COLOGNE, Germany — Angela Merkel called on the German Social Democrats to reject a “one-sided” pact that would give the country’s conservative chancellor the opportunity to rule alone without an unwieldy coalition partner.
Merkel, leader of the center-right Christian Democratic Union, on Thursday backed a plan announced this week by Social Democratic leader Martin Schulz for three out of four parties in the national legislature to join forces on some issues. The other parties were left out in the cold.
But she cautioned that the party’s rank and file should not allow Schulz to secure a one-sided deal as he seeks to head off a possible exit from the German political elite by blocking the conservatives from governing alone.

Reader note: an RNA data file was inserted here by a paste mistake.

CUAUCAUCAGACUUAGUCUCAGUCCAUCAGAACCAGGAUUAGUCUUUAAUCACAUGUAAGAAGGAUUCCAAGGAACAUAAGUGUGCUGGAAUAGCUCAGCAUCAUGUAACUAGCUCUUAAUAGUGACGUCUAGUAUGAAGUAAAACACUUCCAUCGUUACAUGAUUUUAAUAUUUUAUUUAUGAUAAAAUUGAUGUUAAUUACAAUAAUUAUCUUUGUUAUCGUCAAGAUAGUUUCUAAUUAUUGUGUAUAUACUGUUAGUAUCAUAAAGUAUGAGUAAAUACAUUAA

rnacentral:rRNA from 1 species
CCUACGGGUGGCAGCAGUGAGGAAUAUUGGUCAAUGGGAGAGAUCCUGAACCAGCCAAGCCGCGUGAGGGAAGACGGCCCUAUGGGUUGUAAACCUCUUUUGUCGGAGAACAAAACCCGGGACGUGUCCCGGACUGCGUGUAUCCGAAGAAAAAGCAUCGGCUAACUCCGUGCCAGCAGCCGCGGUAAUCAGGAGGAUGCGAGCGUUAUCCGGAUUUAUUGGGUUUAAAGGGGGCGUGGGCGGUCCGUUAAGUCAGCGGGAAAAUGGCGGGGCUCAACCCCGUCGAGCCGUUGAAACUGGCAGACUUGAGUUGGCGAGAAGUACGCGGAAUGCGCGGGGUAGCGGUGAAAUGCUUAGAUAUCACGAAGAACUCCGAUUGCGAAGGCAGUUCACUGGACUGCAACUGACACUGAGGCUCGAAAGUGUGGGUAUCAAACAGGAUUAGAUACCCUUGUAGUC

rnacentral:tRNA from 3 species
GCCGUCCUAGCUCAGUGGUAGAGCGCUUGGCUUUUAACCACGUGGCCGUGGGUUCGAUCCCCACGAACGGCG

“A coalition without a common decision-making process is no coalition,” Merkel said. “I’m more than conscious of that.”
The latest drama in Germany’s fraught national political scene followed Schulz’s sudden announcement that he was leaving the party’s high command to run for chancellor next year. With polls consistently showing him far behind the conservative leader in voter preference, Schulz abruptly replaced the party chairman, Sigmar Gabriel, in an effort to change the mood within the party.
Gabriel announced this week that he would not challenge Merkel for the party leadership, preferring to support his beleaguered friend as she seeks another mandate from voters.